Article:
When 8-year-old Farida fried three chillies instead of two, as instructed by her employer, 27-year-old Bithi Khandaker, Farida was punished, as all children are when they make mistakes or do not follow instructions. However, in Farida's case, Bithi went slightly overboard. She poured a pan filled with hot cooking oil on Farida, disfiguring a part of her face. For two days after that, Bithi and her family tried to hide the crime, until neighbours found out and complained to the police. Farida's older sister Rekha filed a case against Bithi with the police. Bithi was arrested, but released after three days. Because Bithi's husband worked in the Middle East and earned more in that neighbourhood of Munshiganj, the family would flaunt power in the community. None had the courage to speak or act against Bithi or her family. To end this as discreetly as possible, Farida's family was paid a measly amount of Tk 5,000. The case was finally forgotten.
Photos: Zahedul I Khan
| An age-old norm in this part of the world, every household employs domestic help to do the cleaning and the cooking.
The Labour Law 2006 (of Bangladesh) clearly states that a worker has the right to rest and recreation during and after work hours. In fact, the law ensures the workers security, the right to take his or her employer to court in case of an offence, compensations in case of accidents, weekly and yearly holidays, a proper salary fixed by the government and in some cases, education facilities for young workers. In a nut shell, the compliance law has played a significant role in developing the lives and maintaining the self respect of these workers.
The law, however, does not apply to individuals working in sectors other than the RMG or similar industries, for instance domestic workers. An age-old norm in this part of the world, every household employs domestic help to do the cleaning and the cooking. For decades, this informal sector has been growing and today there are more than 20 lakh domestic workers in urban homes of Dhaka and Chittagong alone. Despite this burgeoning sector, domestic workers are considered informal labourers. Moreover, the government does not recognise them as workers with rights, as in the case of factory workers. “Domestic workers are not included in the Labour Law 2006,” says Nazma Yesmin, the Programme Officer of Bangladesh Institute of Labour Studies (BILS). “They have no fixed amount for salary or working hours. There are no rules or regulations which can be followed by the employer or the domestic worker.” Obviously, one of the biggest secters in the country is in a mess.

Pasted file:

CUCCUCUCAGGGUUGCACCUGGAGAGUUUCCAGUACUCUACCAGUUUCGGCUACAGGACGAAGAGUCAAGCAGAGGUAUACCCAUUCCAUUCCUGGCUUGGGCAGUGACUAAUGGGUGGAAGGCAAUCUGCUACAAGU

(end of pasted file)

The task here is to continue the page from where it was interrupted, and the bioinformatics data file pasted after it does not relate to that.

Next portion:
A majority of these home-workers being young and female, they are much more prone to exploitation.
It is mainly because of this exemption from law, that domestic workers are exploited each day. For one thing, these workers are not provided with the basic necessities. A majority of these home-workers being young and female, they are much more prone to exploitation, sometimes even sexual harassment.
On March 12, 2009, in Dhanmondi, 8-year-old domestic worker Shapla was attacked with a hot iron spatula (khunti) for a mishap in the kitchen. According to Shapla, this is not the first time that her employer had physically assaulted her. She says that her employer would hit her head hard with a comb if her rutis were not made in the perfect shape. Her employer also hit her on her back several times. She was made to do all the work in her employer's home and not given much to eat. “Domestic workers do not even have a proper place to sleep!” exclaims Nazma.